Is the 2012 Multnomah County district attorney's race already over? Many political observers had expected the race to replace Mike Schrunk to be a battle between Deputy District Attorney Rod Underhill and Sean J. Riddell, a former deputy district attorney who was hired as chief prosecutor by Oregon Attorney General John Kroger. But Riddell's spectacular flameout in that job has all but eliminated any chance he could win the race - and even raised questions about his legal future.

Riddell resigned his state job Friday after admitting he has erased e-mails related to the complex and confusing Oregon Department of Justice investigation into a $60,000 Oregon Department of Energy subcontract obtained by Gov. John Kitzhaber's girlfriend, Cylvia Hayes.

Although it appears no one involved with the subcontract will be charged or disciplined for wrongdoing, Riddell has been accused or mishandling the investigation and violating the Oregon Public Records Law. Lawyers for one of the state employees he investigated has filed a complaint against Riddell with the Oregon State Bar Association.

A rumored run by Kellie Johnson, another former deputy district attorney, could shake things up, though.

Win some, lose more

After easily being elected Multnomah County Chair in May 2010, Jeff Cogen has contributed some of his campaign surplus to other candidates and causes. He hasn't always picked the winning side, however. In fact, his record is less than 50-50.

Two winners were Kitzhaber, who received $250, and state Treasurer Ted Wheeler, who got $500.

The losers were his former aide, Karol Collymore, who received $1,000 in her unsuccessful campaign for a county commission seat; Metro Councilor Rex Burkholder, who got $250 for his losing primary election bid for Metro president; former 1000 Friends of Oregon Executive Director Bob Stacey, who received $250 for his losing general election campaign for the same office; Portlanders for Schools, which received $2,500 but split on two school ballot measures; and Clackamas County Citizens for Jobs and Safety, which got $2,500 but lost its bid to approve a $5 annual additional vehicle registration fee in that county to help finance replacement of the aging Sellwood Bridge.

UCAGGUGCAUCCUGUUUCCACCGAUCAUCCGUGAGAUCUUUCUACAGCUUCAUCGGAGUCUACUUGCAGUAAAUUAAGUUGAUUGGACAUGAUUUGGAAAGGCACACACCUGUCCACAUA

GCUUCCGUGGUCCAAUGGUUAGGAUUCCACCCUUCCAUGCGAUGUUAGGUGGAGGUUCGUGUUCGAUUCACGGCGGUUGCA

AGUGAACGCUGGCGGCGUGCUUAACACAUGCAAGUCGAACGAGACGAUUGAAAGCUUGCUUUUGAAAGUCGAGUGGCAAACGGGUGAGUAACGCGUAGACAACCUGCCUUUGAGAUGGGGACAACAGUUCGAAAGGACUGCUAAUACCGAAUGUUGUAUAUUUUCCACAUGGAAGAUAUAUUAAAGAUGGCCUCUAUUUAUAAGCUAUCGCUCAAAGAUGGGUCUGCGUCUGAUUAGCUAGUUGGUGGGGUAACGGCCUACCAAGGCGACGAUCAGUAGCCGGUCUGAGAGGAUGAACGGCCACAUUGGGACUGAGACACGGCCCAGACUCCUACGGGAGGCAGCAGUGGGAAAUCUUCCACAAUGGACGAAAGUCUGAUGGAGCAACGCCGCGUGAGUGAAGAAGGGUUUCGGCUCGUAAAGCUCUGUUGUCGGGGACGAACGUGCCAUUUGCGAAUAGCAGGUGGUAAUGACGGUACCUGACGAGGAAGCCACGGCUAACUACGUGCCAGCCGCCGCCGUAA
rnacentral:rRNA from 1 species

Cogen also gave $1,000 to Oregon House Democrats, $1,000 to Oregon Senate Democrats, $2,500 to the Oregon League of Conservation Voters and $750 to Basic Rights Oregon, all of which also had recent mixed results at the polls.

Portland schools lose again

How bad are Portland schools? Consider this: Not a single one made Newsweek's annual list of the 500 best high schools in America this year.

But hardly any other Oregon schools did, either. In fact, West Linn High School was the only school in the state on the list, even though simple math suggested Oregon should have gotten 10.

Portland schools might have a better shot at the list next year, as the district's redesigned high school system rolls out. The implementation plans are supposed to kick in this summer. But as Portlanders have seen in the past, the devil's in the details.

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